June 14, 2023

Student Reflections on the Innovative Models Exchange

By Transcend

The Innovative Models Exchange—a free platform where school communities can search for compelling learning models that fundamentally reshape the educational experience—is inspiring stakeholders around the country. In spring of 2023, we did a deep dive with the most important stakeholders of all—students—to get their reflections on a handful of the models featured on the Exchange. Not surprisingly, the students we engaged at Clear Creek Middle School and Clear Creek High School from Clear Creek School District in Colorado shared insights that were thoughtful and rooted in possibility and pragmatism. 

The models on the Exchange reflect the 10 Leaps for Learning that Transcend has identified to move from inequitable, industrial-era learning to learning that is equitable and responsive to the demands and opportunities of the 21st century. At the core, these Leaps derive from a fundamentally different purpose of education—one that centers on equity, liberation, and human flourishing, so that all young people will not only maximize their own potential but also see, confront, and tackle society’s greatest challenges.

While students found something to like about each model in the sampling they encountered, the thoughts they shared provided a few key insights or takeaways.

Insight 1: Pace and Choice Impact Student Success

Competency-Based Education

Surgeon General Vivek Murthy recently called the increase in youth mental health needs “the defining public health crisis of our time.” The students we spoke with echoed this sentiment and shared that, for some, surviving the pressures of being a kid trumps meeting the demands of school. They reflected on how their peers who learn differently could benefit from the student-driven focus of Building 21’s competency-based education (CBE) model that provides multiple ways for a student to demonstrate mastery of a subject. As one astute student put it:

Instead of focusing on a grade, school should be focused on what you’ve learned.

The students were particularly taken with the Forest School’s self-directed learning model that gives young people voice and choice to drive their learning.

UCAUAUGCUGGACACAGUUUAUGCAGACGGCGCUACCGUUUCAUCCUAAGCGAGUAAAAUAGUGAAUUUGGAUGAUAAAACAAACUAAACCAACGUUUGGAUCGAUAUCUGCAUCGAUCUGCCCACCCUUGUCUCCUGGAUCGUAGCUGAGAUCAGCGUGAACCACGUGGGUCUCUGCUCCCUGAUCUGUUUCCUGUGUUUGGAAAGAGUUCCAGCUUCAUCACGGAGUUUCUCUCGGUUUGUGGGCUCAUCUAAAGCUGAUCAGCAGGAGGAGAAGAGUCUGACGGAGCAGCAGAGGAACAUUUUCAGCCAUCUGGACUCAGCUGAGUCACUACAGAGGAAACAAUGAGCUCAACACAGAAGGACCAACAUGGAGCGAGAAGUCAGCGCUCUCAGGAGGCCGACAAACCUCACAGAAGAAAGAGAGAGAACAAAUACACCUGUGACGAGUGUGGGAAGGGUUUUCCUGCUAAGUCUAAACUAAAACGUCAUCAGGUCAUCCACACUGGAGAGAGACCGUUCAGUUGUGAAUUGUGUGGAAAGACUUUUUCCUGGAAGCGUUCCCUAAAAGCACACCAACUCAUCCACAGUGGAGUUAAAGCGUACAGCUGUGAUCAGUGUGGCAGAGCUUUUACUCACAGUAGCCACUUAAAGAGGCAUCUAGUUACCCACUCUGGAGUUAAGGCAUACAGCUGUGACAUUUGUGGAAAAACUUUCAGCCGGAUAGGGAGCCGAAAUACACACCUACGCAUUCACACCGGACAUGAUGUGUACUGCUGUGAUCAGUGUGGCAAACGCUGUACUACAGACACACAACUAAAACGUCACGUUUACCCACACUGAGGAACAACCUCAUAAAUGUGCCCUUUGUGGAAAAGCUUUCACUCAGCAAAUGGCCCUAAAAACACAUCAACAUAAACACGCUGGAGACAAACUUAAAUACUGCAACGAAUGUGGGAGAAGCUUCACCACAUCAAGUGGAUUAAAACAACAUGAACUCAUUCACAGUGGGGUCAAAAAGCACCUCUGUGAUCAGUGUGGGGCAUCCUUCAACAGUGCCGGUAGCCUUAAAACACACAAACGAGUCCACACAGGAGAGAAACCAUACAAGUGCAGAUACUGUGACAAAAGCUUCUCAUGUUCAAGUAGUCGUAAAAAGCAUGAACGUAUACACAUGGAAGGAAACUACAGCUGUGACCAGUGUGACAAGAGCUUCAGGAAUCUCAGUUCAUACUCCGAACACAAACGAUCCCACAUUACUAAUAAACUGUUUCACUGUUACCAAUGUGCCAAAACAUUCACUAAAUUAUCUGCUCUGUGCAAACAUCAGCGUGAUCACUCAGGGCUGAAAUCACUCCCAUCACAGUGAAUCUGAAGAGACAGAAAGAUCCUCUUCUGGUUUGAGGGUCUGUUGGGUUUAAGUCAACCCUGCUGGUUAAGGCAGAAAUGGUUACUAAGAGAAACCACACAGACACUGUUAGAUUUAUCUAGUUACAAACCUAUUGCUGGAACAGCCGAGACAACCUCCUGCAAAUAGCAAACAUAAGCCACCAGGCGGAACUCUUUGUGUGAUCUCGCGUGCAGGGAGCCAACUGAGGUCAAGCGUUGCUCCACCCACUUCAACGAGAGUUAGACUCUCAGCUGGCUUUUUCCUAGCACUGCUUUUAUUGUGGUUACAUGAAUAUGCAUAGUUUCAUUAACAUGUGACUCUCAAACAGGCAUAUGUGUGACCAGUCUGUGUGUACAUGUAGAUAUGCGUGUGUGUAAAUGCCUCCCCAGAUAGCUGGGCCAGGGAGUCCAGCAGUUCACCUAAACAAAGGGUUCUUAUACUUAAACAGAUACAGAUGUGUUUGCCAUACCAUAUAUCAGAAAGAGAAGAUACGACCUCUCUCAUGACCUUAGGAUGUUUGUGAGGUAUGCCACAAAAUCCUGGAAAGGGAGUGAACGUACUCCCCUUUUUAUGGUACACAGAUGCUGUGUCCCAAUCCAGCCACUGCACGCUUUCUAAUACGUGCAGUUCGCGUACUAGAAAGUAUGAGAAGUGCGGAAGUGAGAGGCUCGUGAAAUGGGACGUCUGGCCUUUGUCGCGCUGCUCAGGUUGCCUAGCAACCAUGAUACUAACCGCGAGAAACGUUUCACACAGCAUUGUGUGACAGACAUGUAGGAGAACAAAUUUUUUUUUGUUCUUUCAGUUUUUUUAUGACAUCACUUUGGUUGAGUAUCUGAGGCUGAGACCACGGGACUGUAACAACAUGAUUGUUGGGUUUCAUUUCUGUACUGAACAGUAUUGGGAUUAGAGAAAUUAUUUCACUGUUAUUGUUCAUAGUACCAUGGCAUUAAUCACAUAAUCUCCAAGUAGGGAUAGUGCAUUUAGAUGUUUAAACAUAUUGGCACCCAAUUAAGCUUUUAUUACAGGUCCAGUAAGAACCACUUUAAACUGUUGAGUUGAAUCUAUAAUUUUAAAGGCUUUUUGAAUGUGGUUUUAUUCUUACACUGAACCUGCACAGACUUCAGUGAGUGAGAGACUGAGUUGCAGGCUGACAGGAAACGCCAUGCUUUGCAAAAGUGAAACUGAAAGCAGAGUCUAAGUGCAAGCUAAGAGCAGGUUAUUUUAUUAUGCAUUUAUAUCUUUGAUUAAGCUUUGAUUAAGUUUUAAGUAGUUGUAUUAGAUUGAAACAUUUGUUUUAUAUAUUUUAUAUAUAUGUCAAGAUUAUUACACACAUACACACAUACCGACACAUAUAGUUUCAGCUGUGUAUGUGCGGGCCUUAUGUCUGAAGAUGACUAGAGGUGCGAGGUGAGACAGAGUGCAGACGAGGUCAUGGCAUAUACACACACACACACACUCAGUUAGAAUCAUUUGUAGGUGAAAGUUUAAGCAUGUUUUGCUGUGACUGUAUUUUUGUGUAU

The use of personalized learning models is an equitable, student-centered approach to learning that allows students to progress at their own pace and pursue topics that interest them. Students also like the potential for a more flexible school schedule as featured in these models. They would like autonomy to spend more time with a subject they need additional time to master or dive deeper into a topic they have genuine interest in and/or an aptitude for. 

Insight 2: Make Learning Meaningful 

Many students with jobs and internships were interested in ways to integrate those facets of their life into their school demands. They saw an opportunity not only to streamline all their responsibilities but also to better align what they were learning in school with their current and future professional aspirations.

Work-based learning (WBL)

So, it’s no surprise that they were intrigued by work-based learning (WBL) models connecting classroom instruction with real-world, professional experiences, often in the form of jobs and/or internships. In particular, students appreciated the Big Picture Learning (BPL) model’s guiding principle that students often learn best when school is relevant to their lives, they can build trusting relationships with adult mentors and peers who share their interests, and they can engage genuinely authentic and rigorous work that is situated in the community and workplace. As one student noted: “You’re learning things you can immediately use. Internships lead to careers, build real-world skills. Instead of just taking classes, you actually experience what it’s like to work in that area. They still apply core subjects, but for more relevant purposes.”

Insight 3: One Size Does Not Fit All

Students appreciated being asked for feedback on a selection of models featured on the Exchange and the range of emerging innovations.

For a long time the school system has been the same, and we’re breaking away from that, finding things that might work better for students

Innovative Models Exchange

When we asked which model they would pick if they had infinite resources, they said they’d likely take a little bit from each to stitch together a unique combination that would fit the many learning styles of their peers and the needs in their local community. This desire is at the heart of the Innovative Models Exchange. Despite innovation across nearly every sector of society, schooling in America operates in largely the same rigid ways it did a century ago. Our students know this rigid, one-size-fits-all approach to education does not work for them or their peers. We hope our students have piqued your interest and you’ll find a model you can learn from, be inspired by, and try in your community.


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